JACKSON, Miss.- The Jackson State University College of Business is proud to announce a new supply chain management program will be offered in the 2022 Fall semester. The global supply chain has been a major topic of discussion since the beginning of the pandemic. Business Dean Fidelis Ikem, Ph.D., says the new undergraduate program aligns with the strategic plan to elevate the institution’s academic prominence through degree offerings that will meet today’s workforce needs.
“Business students in the new supply chain management program will learn about inventory, transportation, purchasing and the different challenges of distribution,” explains Ikem. “At the beginning of the pandemic, the ports of Los Angeles were overcrowded because there weren’t enough truckers to move goods to warehouses where they were needed. That’s a supply chain issue and a product demand issue. This will prepare our students to work in that industry that is growing by leaps and bounds.”
Jackson State’s location in the central part of Mississippi and close proximity to the gulf coast will give students a major advantage when it comes to studying distribution. Ikem says with a close proximity to Interstates 20 and 55, a bounty of distribution centers, and large producers moving into the area (such as Continental Tires, Nissan, Amazon, etc.), the demand for this particular skill set is growing here. Ikem has wanted to bring the supply chain management degree program to the college of business since his appointment as Dean. It was no easy task, however, through years of collaborative efforts and research, his goal was accomplished with the help of JSU alumnus David Malone, CPSM, who currently works as the director of procurement and supply management for the city of St. Petersburg, Florida. With decades of experience working in the field of supply chain management, Malone noticed a lack of diversity and decided his alma mater could be the resolution. He gladly provided his expertise to help develop the program and recruit leadership for the advisory board.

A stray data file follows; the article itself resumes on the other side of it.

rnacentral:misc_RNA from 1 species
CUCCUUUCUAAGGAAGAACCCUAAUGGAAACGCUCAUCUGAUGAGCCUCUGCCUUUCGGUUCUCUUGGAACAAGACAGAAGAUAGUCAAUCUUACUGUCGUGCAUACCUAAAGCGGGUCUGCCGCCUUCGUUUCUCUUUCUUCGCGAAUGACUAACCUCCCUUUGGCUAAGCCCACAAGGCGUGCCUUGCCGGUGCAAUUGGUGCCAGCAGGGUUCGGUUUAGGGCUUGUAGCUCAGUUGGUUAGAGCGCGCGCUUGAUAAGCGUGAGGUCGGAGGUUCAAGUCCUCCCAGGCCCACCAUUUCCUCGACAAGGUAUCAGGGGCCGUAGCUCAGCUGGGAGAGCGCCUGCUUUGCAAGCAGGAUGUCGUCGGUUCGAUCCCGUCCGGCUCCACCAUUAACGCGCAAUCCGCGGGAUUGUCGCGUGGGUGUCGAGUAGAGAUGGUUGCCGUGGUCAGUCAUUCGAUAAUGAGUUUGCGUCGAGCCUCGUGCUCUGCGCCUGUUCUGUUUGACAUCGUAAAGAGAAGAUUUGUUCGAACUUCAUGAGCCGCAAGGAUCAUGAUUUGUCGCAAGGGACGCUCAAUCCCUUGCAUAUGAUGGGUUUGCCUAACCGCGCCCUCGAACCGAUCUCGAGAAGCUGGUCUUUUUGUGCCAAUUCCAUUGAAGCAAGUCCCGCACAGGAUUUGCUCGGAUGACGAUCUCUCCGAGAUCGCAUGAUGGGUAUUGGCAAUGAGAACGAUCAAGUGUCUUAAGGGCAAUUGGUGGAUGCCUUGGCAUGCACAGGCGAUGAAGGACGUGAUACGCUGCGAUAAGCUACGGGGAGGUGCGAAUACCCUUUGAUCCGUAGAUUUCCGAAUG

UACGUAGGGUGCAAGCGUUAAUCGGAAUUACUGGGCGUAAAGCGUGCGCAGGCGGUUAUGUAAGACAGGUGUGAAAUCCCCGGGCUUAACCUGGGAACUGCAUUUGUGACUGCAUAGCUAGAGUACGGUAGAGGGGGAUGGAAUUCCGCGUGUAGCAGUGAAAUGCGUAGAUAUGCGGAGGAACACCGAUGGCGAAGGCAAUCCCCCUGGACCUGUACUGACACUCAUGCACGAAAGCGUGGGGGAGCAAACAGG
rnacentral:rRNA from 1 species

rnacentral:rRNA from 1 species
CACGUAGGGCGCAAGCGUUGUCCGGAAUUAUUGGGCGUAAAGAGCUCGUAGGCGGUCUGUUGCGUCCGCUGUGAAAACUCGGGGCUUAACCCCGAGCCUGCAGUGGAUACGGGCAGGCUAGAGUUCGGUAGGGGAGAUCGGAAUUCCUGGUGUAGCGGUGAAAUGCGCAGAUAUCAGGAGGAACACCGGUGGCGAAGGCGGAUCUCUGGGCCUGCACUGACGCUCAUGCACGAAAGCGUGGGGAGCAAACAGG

“I am in my 41st year of my supply chain career and one thing that I was always bothered by for years was the lack of African Americans in this field. I was fortunate to get in back in 1981 with a major technology company out of Boston, and it was my only job offer. So, even though my undergraduate degree was in finance, I wanted an opportunity and luckily, I landed in one of the fastest growing and world changing professions there were. It’s a career path that gave me an opportunity to travel and do business globally, and I want HBCU students to have access to such a great profession,” says Malone.
The board consists of supply chain executives from Black & Decker, Microsoft, and The Institute for Supply Management. Malone also garnered participation from the Michigan State University Department of Supply Chain Management, which is rated No. 1 nationally for its program. Dean Ikem recruited an executive from Ingalls Shipbuilding and the JSU School of business leaders to complete the advisory board and begin the work of curriculum development.
“Supply chain management provides another avenue for students to develop insight into an industry laden with opportunity,” says Provost and Senior Vice President for Academic Affairs Alisa Mosley, Ph.D. “I appreciate the input from all internal and external stakeholders who created this innovative academic program. The new major aligns with our mission and university strategic plan.”
Through the JSU supply chain management program, students will learn how the core studies that are normal parts of the business program intersect with the myriad of opportunities and experiences offered in the supply chain profession. They will also learn to understand the underpinnings of the global supply chain and how the linkage of multiple supply chain functions leads to the delivery of goods and services from around the world. The College of Business plans to provide internship opportunities and, through the right corporate partnerships, give students real time exposure to the inner workings of the many aspects of supply chain management.
Ikem says he foresees the supply chain management program will be offered as a graduate program in the near future. The Jackson State University College of Business is among the six percent of business schools worldwide that is accredited by the Association for Advancement of Collegiate Schools of Business (AACSB). AACSB accreditation differentiates business and accounting programs from those at other institutions in terms of quality, rigor, and relevance.
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